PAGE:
Did Lord Rama eat meat?
Transcription by: Rekha Vangala
Question: Is it mentioned in the Ramayana that Lord Ram ate meat?
Answer: The word mamsa is used in the Ramayana; what it refers to is certainly not decided. So if we want to open and check answer to that it is not available and as long as we look at the over-all evidence of vedic culture, the answer would be a strong ‘No’ because vegetarianism has a strong emphasis in the literature especially as we move from the Vedas which focus on karma kanda then move towards the jnana kanda and then we move towards the Bhakti literature then the emphasis and even the insistence of vegetarianism becomes more and more emphatic. So let us understand this progression and let’s look at the specific verses and context in which these references come.
Firstly, one example that is given of, say, Lord Ram eating meat which is totally concocted is that actually Sita told Ram to kill the deer Maricha who has come as the deer so that they could eat the flesh of that deer and that is completely wrong because the Ramayana mentions that actually Sita was attracted to the deer so that she could have the deer as a pet when she would go back to the kingdom of Ayodhya she could offer that as a gift to Kausalya, Lord Ram’s mother. So certainly her attraction to the deer was not because she wanted the deer skin; she wanted the deer and Lord Ram eventually; if Lord Ram had wanted to kill the deer and get the deer skin itself then he did not have to chase that deer for a long distance. He had to chase the deer because He wanted it alive and actually eventually Lord Ram could have taken a bow and shot it, that deer. It’s not that Lord Ram had to come closer and eventually take aim. Even if we consider from the lila point of view and say that Lord Ram is not acting as the Absolute Truth and that’s why He has to chase the deer but still he was famed enough archer. From the point of view of archery and He could have shot the deer right at the beginning itself but the desire of mother Sita was not to have the deer killed. She wanted the deer alive as a pet because it was so attractive and when Lord Ram kept chasing and chasing that and in this chasing the deer was mystically appearing and disappearing and suddenly jumping high in the air and jumping down and going here and bounding off in that direction. So Lord Ram kept chasing the deer and finally when the deer kept mystically appearing and disappearing for a long time then Lord Ram understood that there is; rather that within the lila He acted as if He then understood that this is not an ordinary deer; this is a demon who has taken the garb of a deer and finally that’s why He decided to kill him. So if the deer was needed for flesh then Lord Ram could have shot him right in the beginning itself because the deer was visible when Sita pointed out actually right in front grazing in the vicinity of hermitage. So that reference to meat is certainly complete invalid reference from the point of view of context.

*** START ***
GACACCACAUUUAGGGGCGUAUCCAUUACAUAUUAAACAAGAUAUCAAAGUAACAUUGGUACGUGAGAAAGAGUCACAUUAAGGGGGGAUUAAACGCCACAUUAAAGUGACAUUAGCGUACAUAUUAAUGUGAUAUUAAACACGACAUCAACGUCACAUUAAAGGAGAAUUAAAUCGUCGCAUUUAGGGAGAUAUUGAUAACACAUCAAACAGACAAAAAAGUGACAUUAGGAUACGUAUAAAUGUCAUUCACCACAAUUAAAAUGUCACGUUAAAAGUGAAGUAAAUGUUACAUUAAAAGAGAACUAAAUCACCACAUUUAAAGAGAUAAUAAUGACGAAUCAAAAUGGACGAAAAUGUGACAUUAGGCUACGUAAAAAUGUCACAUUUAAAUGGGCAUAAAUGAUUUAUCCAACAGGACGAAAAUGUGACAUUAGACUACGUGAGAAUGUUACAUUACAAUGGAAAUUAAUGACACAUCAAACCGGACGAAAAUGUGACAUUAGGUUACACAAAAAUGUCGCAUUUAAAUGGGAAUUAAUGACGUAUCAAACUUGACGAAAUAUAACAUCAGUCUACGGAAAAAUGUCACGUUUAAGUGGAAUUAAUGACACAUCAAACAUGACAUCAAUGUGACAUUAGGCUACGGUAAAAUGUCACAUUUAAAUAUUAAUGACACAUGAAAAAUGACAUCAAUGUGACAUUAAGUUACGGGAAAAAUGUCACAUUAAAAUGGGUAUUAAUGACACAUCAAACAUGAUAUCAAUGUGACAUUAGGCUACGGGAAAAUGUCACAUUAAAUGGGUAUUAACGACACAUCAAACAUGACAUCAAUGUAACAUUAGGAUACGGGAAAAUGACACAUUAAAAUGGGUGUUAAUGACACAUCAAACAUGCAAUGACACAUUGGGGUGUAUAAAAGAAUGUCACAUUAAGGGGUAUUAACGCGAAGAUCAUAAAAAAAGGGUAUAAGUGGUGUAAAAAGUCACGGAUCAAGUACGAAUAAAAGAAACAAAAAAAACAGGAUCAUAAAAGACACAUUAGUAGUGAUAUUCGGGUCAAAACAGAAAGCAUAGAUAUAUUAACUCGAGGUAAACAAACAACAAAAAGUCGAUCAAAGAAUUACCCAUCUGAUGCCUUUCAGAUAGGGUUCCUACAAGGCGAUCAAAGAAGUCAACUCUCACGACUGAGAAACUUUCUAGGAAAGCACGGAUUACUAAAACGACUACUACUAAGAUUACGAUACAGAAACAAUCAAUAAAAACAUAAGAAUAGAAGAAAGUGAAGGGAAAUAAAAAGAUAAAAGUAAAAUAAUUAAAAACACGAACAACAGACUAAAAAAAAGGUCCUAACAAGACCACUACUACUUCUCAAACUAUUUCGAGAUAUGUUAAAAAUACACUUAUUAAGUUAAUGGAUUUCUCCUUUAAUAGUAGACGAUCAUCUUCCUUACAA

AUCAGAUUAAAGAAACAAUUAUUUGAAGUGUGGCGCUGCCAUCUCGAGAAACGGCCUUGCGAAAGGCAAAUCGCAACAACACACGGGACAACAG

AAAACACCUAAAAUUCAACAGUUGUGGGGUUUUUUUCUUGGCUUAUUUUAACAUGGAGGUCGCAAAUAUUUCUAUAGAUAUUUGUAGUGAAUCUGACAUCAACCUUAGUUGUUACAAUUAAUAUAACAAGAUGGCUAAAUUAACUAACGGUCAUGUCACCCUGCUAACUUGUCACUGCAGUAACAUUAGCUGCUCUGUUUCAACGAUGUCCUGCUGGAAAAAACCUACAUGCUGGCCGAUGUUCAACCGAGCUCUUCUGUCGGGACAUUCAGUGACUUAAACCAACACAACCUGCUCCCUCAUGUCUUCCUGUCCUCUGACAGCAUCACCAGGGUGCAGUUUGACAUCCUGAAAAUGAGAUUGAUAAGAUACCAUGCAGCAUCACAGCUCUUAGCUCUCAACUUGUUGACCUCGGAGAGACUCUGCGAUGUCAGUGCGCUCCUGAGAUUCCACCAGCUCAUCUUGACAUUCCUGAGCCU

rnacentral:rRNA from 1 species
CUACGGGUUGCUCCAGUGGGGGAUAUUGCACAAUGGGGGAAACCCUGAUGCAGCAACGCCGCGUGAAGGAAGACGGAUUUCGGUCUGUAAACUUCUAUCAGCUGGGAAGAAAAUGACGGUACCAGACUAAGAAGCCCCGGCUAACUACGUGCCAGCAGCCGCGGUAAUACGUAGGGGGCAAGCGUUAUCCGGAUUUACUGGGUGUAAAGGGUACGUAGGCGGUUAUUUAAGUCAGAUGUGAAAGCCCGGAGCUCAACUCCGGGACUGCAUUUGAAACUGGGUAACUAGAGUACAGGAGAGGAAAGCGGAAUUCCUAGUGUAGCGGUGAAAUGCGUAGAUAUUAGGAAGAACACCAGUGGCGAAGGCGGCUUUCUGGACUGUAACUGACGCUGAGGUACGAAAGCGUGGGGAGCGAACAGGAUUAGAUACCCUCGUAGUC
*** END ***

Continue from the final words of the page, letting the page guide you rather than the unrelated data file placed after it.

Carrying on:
So the second reference comes when Lord Ram says that when I’ll go to the forest. Rather Lord Ram because He is staying in the forest it is said in the Ramayana that He is living such austerity that He is abstaining from a variety of delicious food items and a variety of things basically. He is abstaining from variety of things – one of them is said to be the meat. So from these some people infer that this means that Lord Ram would normally eat meat but in the jungle He decided to stop eating meat. So this reference comes in the 3rd book – The Aranyakanda, chapter 43 of the Ramayana.